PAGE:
We had become crabs in a bucket, both talking each other off the ledge and pulling each other down to drown in negativity.

Knocking The Bucket Over

Should we be surprised? I don’t think we should be, I mean what did we expect in a group with different personalities, views, points, and ideas.

In a study done to see how emotions could be infectious, the author noted the following; “social contagion theory hypothesizes that emotions can behave like infectious diseases spreading through groups of intimates in social networks” (Hill et al., 2010.) A reasonable explanation for why a group of women suffering from mood disorders are experiencing pessimistic opinions regarding life with PMDD.

Wait, don’t start unfollowing those groups quite yet! Even though there may be a few crabs that want to pull us down, there is still many that want to keep us safe. In an additional study, it revealed that “highly susceptible individuals are less inclined to adopt negative emotions but equally likely to adopt positive emotions than the scarcely susceptible ones. Also, the adoption rate of positive emotions is in general greater than that of negative emotions.”(Ferrara and Yang). Meaning that providing more positive feedback could be much more contagious than negative feedback.

Please note that I still believe that being part of Facebook Support Groups can be a very empowering and beneficial experience. We just need to keep in mind of how our harmful speech can impact the groups as a whole.


Better Together

I believe that owning our actions and PMDD will give us the freedom to fight against the symptoms. Same thing with being in support groups! When we hold ourselves accountable for contributions it will change the dynamics of our PMDD support groups.

Allowing for us to express every single feeling we have no matter if it’s positive one or a negative. Without the negative feelings spreading like wildfire harmfully impacting the groups as a whole.

But to achieve such balance, we as individuals must answer the following question honestly about our selfs.

  • What are we joining the support group for, to get actual support?
  • Or are we just wanting to vent and receive reassurance of bad behavior?
  • Are we extending the same respect we are looking to receive?
  • Are we using PMDD as an excuse to be a negative Nancy ALL the time?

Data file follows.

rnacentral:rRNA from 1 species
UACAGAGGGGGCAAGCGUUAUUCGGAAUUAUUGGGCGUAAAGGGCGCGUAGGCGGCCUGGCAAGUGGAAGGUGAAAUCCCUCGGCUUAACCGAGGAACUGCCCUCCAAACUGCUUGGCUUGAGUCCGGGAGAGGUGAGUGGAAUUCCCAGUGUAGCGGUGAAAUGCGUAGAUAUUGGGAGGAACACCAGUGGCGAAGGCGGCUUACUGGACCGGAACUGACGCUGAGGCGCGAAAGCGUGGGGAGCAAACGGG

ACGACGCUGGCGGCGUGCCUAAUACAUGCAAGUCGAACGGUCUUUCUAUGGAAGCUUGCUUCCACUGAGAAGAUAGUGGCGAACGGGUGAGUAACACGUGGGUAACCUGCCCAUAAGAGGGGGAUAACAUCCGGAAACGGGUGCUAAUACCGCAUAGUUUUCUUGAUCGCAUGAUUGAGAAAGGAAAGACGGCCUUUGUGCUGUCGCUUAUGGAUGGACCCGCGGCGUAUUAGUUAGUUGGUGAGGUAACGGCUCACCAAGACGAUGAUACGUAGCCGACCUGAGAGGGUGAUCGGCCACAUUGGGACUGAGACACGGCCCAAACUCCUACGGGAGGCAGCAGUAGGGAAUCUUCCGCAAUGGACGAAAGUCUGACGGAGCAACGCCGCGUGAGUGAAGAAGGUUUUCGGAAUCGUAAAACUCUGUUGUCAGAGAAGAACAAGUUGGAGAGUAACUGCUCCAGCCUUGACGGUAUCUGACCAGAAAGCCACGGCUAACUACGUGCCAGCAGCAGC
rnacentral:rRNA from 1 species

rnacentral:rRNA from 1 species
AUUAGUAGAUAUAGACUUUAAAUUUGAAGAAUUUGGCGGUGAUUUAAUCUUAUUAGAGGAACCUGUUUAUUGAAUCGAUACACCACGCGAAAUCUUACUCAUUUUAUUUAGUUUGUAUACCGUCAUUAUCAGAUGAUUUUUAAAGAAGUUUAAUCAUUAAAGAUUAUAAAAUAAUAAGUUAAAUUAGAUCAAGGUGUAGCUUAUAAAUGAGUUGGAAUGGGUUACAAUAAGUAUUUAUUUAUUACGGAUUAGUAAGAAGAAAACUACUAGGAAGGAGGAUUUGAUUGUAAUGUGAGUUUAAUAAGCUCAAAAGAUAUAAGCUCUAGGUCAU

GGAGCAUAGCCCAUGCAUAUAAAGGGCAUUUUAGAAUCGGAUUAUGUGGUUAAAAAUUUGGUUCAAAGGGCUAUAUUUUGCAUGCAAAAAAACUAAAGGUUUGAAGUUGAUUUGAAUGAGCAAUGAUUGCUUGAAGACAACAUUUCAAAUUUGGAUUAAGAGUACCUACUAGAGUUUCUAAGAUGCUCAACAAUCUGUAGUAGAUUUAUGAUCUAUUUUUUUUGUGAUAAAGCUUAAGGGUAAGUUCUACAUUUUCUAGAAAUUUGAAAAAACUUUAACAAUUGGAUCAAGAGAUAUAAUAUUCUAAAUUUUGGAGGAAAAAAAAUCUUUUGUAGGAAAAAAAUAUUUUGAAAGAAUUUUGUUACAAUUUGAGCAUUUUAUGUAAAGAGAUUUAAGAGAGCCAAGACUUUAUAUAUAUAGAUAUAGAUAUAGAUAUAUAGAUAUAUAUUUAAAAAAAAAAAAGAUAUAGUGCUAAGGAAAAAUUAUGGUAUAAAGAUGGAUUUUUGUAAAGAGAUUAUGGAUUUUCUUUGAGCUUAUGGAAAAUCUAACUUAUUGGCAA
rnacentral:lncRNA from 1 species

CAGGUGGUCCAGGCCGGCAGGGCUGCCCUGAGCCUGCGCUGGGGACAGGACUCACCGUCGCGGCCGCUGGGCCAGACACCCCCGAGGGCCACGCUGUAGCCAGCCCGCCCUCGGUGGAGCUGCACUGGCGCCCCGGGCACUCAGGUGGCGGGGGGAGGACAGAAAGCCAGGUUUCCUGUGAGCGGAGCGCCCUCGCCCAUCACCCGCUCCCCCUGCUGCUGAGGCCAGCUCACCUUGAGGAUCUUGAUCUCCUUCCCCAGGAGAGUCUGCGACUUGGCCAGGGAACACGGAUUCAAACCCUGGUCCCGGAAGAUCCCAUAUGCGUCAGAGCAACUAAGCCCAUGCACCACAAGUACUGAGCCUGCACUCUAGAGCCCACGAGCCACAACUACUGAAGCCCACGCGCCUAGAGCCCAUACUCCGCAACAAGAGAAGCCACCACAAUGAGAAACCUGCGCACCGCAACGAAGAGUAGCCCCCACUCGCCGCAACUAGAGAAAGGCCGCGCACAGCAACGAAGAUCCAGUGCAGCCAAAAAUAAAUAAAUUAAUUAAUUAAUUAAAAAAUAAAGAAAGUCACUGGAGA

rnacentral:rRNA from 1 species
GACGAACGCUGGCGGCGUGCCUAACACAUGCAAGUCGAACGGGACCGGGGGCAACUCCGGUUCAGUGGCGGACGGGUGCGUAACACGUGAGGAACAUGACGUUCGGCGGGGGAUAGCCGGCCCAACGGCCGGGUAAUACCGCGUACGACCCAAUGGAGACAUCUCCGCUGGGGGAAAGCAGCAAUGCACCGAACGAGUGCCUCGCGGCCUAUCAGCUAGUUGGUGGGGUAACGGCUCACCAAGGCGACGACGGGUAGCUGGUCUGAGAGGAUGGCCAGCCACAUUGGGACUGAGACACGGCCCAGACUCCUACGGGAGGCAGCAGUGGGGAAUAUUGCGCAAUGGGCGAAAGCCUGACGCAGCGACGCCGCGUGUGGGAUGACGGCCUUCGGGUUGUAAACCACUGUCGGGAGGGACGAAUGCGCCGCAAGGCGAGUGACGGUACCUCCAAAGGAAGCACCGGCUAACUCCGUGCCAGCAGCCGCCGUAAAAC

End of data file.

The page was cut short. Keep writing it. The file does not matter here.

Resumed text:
• Do we contribute in our positive weeks as well as our negative weeks?
  • How many positive, encouraging comments am I responding with, or am I just agreeing and supporting a negative atmosphere?

When we answer the questions truthfully we can transform the groups into more supportive and healing groups.  Additionally if for every negative comment, we add a positive one it will slowly start creating that harmony we all long to obtain.

A Unique Sisterhood

If we all had a choice, we would not be pledged with PMDD, an illness that bonds us. Unfortunately, that path has been laid, and we have been chosen to walk along it’s a difficult road. Why not do it together? Why not do it together in harmony?


Do you suffer from PMDD? Have Facebook? Here is a list of Support Groups to help you along your Journey.

Committed PMDD Sister (My group)-

Gia Allemand Foundation –

PMDD Moms-

PMDD- Strength Trough Faith-

PMDD Private Discussion-

PMDD (Premenstrual Dysphoric Disorder)-

You Are Not Alone – Treating PMDD with Positivity-

Works Cited

Bastiampillai, Tarun, et al. “Is depression contagious? The importance of social networks and the implications of contagion theory.” Australian & New Zealand Journal of Psychiatry, vol. 47, no. 4, 2013, pp. 299-303.

Ferrara, Emilio, and Zeyao Yang. “Measuring Emotional Contagion in Social Media.” PLOS ONE, vol. 10, no. 11, 2015, p. e0142390.

Hill, A. L., et al. “Emotions as infectious diseases in a large social network: the SISa model.” Proceedings of the Royal Society B: Biological Sciences, vol. 277, no. 1701, 2010, pp. 3827-3835.